#KZNSoundsOff: Should children need parents' consent to get vaccinated?

#KZNSoundsOff: Should children need parents' consent to get vaccinated?

Minister of Health Joe Phaahla recently confirmed that vaccinations will be opened for 12 to 17-year-olds.

Child covid-19 vaccination no parental consent needed
iStock/Side Show Stock

When it comes to parental consent, there are multiple laws and regulations that require parents to give their children permission before they can do certain things.

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Children can't just go out and get married without their parent's consent before the age of 21, kids can't get tattoos before they're 18 without their parents saying it's okay, and there are many other examples of this as well.

However, the Department of Health has now made a very interesting announcement.

READ: Covid jab for 12-17 cohort to open next week: Phaahla

According to ECR News, they have said that they are hoping to increase the vaccination drive by allowing children aged 12 to 17 to get vaccinated by rolling out the programme at schools later this year.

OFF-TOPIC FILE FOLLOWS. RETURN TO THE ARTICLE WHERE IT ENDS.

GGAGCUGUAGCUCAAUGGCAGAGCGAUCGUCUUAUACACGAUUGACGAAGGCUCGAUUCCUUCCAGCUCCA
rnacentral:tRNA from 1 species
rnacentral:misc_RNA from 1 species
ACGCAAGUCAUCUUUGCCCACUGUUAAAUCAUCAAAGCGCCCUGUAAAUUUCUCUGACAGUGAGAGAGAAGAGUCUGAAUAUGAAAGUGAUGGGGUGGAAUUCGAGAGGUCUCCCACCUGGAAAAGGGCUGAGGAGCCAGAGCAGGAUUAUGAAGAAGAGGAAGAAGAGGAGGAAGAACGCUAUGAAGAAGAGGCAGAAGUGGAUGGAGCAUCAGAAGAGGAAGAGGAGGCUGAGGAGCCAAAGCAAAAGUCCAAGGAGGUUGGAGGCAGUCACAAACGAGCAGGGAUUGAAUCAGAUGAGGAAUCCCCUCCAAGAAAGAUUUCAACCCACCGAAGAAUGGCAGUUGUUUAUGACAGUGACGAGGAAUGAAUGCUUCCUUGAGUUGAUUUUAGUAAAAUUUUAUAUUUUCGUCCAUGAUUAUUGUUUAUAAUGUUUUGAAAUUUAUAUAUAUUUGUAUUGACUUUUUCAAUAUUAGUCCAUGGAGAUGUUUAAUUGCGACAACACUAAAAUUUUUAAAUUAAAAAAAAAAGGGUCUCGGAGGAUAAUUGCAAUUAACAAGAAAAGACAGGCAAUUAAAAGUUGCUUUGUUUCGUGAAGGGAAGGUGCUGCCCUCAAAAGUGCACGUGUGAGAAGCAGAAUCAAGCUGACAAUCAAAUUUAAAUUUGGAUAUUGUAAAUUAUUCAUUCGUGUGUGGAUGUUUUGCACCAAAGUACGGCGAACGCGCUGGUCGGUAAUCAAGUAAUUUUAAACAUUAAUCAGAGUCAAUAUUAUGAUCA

They are hoping that this will add another six-million vaccinations to the programme, with half of them being vaccinated by the school holidays.

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Since we want the pandemic to come to an end and everything to go back to "normal", this sounds like a good idea, right?

The more people that are vaccinated the quicker we can fight this virus and not have to worry about this deadly disease.

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But children generally still need parental consent for major life choices, before they are adults at 21-years-old.

This begs the question: should children, aged 12 and over, be allowed to get vaccinated without their parents/guardians' consent?

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